But Vettel told the pre-race drivers' press conference in Spain (h/t Sky Sports F1) a different story. He put the switch down to wanting to find a cure for his poor form, saying:
I think we concluded after China—where we were quite a bit behind—to change the chassis. It is not a new chassis, it is an old one that we used for testing during the winter and we have some experience with it so it is more just to check rather than a problem with the other chassis.
It is not unusual to change chassis, normally when you change chassis you change to a new one, but we have decided to go to an old one just to make sure nothing is wrong.
Vettel has been out-qualified three times in four races by teammate Daniel Ricciardo, and he has twice suffered the indignity of being told to move aside to let the Australian through in races.
But unless we've all been horribly deceived, Vettel is the better driver. The team will be hoping he's back to his best sooner rather than later.
Adrian Sutil Reveals His Latest Drastic Weight-Loss Scheme
Adrian Sutil fasted for two days earlier in the season in a desperate attempt to lose weight.
The minimum weight of a 2014 car and driver combined is 691 kilograms, up from 642 kilograms in 2013. However, the new power units weigh more than expected, so some teams are struggling to hit the minimum.
Sutil's Sauber team were among them, and the German has the added disadvantage of being taller—and therefore heavier—than most of his rivals.
He told journalists at the Catalunya circuit (h/t grandprix247) on Thursday, "I was testing it a little bit here and there. Two days, no food, only drink. . .I tried. It was not easy but interesting what the reaction is. I'm eating now again, it's better."
Sutil added he did it to test what sort of punishment his body could take in his quest to keep his weight down as much as possible.
"I could feel there was a limit where I hadn't the power anymore, the strength in my mind—you get stressed quite early—and you don't want that. It's just important to know your body quite well. I tried it but I'm still alive so don't worry too much. It was my own decision, this is most important."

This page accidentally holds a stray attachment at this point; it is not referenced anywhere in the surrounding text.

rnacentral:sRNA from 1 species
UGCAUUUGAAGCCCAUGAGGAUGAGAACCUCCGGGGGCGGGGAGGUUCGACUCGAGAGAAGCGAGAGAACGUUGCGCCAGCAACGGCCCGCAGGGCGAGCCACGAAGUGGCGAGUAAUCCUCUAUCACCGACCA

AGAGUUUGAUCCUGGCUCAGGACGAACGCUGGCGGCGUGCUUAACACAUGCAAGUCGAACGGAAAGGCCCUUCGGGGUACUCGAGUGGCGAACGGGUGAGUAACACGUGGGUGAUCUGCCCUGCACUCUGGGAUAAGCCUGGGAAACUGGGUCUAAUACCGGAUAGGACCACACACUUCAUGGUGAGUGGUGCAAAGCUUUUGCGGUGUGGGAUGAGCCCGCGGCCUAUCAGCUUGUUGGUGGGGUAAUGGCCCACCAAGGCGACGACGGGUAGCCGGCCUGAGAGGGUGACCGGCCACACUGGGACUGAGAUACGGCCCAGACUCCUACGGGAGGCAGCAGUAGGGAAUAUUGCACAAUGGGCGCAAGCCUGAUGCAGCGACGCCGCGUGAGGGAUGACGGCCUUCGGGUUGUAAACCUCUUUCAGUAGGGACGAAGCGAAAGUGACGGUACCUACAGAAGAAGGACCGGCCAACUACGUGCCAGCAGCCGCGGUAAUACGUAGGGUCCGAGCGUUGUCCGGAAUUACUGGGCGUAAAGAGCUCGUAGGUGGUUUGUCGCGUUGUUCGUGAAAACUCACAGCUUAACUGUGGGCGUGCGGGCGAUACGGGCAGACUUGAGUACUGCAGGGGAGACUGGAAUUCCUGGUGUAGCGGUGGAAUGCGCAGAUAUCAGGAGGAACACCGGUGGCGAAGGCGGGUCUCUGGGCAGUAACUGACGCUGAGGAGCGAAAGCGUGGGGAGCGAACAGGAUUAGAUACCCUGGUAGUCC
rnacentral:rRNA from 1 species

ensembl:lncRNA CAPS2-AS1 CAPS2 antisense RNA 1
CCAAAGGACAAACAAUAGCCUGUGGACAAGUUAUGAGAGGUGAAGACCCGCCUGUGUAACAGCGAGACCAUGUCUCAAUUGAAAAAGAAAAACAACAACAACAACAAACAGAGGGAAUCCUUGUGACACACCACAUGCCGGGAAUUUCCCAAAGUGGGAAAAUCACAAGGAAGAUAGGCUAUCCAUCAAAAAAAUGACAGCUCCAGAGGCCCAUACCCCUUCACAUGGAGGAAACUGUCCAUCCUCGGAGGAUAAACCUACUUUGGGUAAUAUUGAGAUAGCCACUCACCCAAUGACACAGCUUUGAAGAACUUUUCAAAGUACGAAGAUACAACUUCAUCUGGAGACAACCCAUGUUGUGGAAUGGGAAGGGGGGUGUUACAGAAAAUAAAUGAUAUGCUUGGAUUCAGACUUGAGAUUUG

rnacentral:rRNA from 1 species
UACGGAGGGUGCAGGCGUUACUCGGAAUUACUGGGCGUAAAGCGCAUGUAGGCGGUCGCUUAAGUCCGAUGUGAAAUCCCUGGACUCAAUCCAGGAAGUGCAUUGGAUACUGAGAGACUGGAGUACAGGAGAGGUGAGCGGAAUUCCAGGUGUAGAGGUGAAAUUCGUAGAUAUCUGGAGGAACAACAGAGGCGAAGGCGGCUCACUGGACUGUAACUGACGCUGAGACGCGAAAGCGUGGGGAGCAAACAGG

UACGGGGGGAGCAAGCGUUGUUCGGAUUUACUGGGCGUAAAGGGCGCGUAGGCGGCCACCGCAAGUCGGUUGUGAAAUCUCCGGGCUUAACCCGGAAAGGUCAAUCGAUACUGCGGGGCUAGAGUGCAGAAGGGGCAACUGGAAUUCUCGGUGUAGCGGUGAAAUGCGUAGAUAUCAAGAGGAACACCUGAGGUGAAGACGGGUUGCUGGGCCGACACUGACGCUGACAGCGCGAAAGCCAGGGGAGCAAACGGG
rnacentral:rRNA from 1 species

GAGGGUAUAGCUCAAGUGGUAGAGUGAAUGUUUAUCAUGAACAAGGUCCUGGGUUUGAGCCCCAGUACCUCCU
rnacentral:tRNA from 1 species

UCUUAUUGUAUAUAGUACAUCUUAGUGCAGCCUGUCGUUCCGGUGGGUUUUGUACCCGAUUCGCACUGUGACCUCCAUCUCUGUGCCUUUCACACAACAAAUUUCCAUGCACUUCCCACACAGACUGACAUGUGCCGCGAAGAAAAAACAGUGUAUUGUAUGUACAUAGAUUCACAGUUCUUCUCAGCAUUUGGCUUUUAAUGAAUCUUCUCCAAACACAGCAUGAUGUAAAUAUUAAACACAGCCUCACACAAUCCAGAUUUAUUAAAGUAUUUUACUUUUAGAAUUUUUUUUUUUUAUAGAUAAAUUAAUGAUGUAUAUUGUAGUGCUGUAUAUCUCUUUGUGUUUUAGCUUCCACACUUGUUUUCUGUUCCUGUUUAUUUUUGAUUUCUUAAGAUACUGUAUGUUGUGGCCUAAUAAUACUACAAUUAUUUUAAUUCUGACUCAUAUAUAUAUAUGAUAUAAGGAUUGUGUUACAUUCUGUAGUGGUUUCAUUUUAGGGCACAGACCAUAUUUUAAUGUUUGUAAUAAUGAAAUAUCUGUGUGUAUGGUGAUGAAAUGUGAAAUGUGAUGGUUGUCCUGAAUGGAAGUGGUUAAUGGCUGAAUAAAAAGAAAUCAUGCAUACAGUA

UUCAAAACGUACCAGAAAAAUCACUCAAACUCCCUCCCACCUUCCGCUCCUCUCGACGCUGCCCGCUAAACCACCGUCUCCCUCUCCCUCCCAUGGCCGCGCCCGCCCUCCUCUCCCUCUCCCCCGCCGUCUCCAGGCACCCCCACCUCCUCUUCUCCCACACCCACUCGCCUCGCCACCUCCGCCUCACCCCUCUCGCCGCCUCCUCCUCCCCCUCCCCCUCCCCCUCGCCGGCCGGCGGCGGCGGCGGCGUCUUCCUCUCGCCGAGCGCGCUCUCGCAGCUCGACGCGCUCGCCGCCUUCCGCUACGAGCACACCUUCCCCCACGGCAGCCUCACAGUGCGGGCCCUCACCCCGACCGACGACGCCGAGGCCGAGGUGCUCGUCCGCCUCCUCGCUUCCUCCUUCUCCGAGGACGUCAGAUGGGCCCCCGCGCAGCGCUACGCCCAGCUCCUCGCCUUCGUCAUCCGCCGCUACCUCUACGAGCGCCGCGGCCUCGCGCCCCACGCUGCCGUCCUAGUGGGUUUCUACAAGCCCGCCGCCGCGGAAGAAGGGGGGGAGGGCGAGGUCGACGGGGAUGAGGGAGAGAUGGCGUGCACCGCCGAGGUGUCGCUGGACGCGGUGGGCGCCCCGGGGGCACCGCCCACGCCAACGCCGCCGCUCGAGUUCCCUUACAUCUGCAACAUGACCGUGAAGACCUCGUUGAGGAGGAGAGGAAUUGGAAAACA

Sauber have a new, lighter version of the C33 ready for the Spanish Grand Prix, and this should help Sutil's cause.
But drivers having to go on ridiculous diets and starving themselves isn't good for the sport.
Introducing a minimum weight for the driver and seat combined would go a long way to levelling the playing field for taller drivers.
South Korea Gone for Good?
Bernie Ecclestone has confirmed a grand prix in Azerbaijan will take place in 2015. The news comes a week after Azeri Minister of Youth and Sports announced to insidethegames.biz that the race would happen.
But the sport is unlikely to return to South Korea any time in the foreseeable future.
Speaking to The Independent's Christian Sylt, Ecclestone said, "Baku has been signed. It will start in 2015 and will replace Korea."
He added, referring to the organisers of the Korean race, "They did a good job with the track but what they forgot to do was build all the things they wanted to build."
The Yeongam circuit was supposed to be the centrepiece of a wider regeneration project for the southern Korean province of South Jeolla.
A whole city was supposed to spring up around the track, but the global recession and the fact the circuit was built in the real world, not a local politician's fantasy land, put paid to that. It still lies in the middle of undeveloped farmland with only an ugly Hyundai shipbuilding plant for company.
The new race in Azerbaijan will take place around the streets of the capital, Baku. The route is yet to be announced.